Nodo Solidale, integrated by Italian population that live for a long time in Mexico, issued a sturdy and accurate statement in which they claim that “when the first COVID -19 cases were diagnosed in Italy, a lot of people said it was a lie, another fabrication from a government aimed to make us afraid and militarized the country. This was then also our impression: we made fun of the security measures. We were wrong. The expansion of the virus, we thought, had been taken as a pretext to militarize the country and criminalized fundamental rights such as freedom of assembly, but soon we had to recognize that COVID-19 was a real danger.
Besides witnessing how much of our everyday lives have faded away, we have also the responsibility to take note of those things that helped us and those we have learned that foster “a good life”, which is not an idea but a way to lead ourselves with dignity. But we must reinvent ourselves because we are on the stage of prevention. Already Nodo warns us when it refers to the actual circumstances: “Because it is one more threat to life, one from which we must defend ourselves and that requires a different attitude, one which we are not yet used to”. For that purpose, the beautiful things of life are very useful.
Dignified death is also ours
A short parenthesis to the structural analysis. Or maybe it is just more of the same. Up to you all. The situation is as follows: as I witness the long line of military trucks transporting the coffins in which the remains of the deceased in Italy rest, a deep pain comes over me, an anguish that does not let me sleep.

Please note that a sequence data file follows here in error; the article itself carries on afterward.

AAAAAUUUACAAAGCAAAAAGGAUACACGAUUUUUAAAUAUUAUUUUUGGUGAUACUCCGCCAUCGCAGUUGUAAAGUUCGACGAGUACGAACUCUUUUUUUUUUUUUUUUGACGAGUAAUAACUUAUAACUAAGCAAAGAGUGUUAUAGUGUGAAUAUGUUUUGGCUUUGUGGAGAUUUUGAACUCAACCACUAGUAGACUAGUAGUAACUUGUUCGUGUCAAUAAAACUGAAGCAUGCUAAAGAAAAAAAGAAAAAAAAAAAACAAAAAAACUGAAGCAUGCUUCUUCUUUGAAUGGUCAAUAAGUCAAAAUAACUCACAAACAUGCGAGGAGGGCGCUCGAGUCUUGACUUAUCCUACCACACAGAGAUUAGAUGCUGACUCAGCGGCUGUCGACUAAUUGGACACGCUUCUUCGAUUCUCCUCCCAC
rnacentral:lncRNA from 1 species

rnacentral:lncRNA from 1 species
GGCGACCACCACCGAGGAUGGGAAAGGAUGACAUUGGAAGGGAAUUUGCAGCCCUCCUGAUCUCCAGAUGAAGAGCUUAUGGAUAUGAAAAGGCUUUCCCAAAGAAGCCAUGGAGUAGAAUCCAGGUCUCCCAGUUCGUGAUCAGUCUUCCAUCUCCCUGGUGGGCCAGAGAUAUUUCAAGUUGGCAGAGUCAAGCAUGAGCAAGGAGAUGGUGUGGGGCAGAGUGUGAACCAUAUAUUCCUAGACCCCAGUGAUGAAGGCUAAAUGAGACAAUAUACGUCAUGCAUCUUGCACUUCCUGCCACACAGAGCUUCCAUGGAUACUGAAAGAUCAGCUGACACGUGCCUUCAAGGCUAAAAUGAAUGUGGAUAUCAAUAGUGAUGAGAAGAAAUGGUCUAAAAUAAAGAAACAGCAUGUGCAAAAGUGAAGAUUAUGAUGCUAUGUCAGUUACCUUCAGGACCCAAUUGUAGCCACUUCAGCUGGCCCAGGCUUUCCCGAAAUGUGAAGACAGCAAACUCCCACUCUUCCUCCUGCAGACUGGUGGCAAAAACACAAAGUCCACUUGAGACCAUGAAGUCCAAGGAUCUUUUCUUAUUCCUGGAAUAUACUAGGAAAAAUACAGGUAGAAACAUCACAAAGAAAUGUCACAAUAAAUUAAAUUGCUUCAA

Half a block from the buildings we live in, pure Manhattan, there is a hospital where one could frequently hear the sirens from ambulances, some at night, some during the day, but not there is a considerable increase of these death sounds. Let´s say that the images from Italy and its dead ones, not allowed to physically bid their loved ones farewell, are accompanied by the sound of the ambulances that now teem the air I breathe.
We breath death but cannot realize it.
But that death is also ours, we must recover it so it does not happen again in solitude, with the comfort of tablets hold by doctors, so the thousands of victims can say goodbye through a videocall. There must be mechanisms that overcome these videocalls of death.
It is terrible to normalize the existence of these caravans of death that take our dead ones in order to protect the non-infected population, while some journalists manage to get a hold of the appropriate suits, enter hospitals and record scenes from that same people that could not even hold their latex covered hands with their families.
Hopefully we will not reach the moment when, as the New York Times puts it, medical staff will have to decide who to give a respirator depending on which patient has, according to the protocols and medical supplies, the biggest possibility to recover. One more currency of capitalism´s biopower now turned into an imposed obligation for the doctors.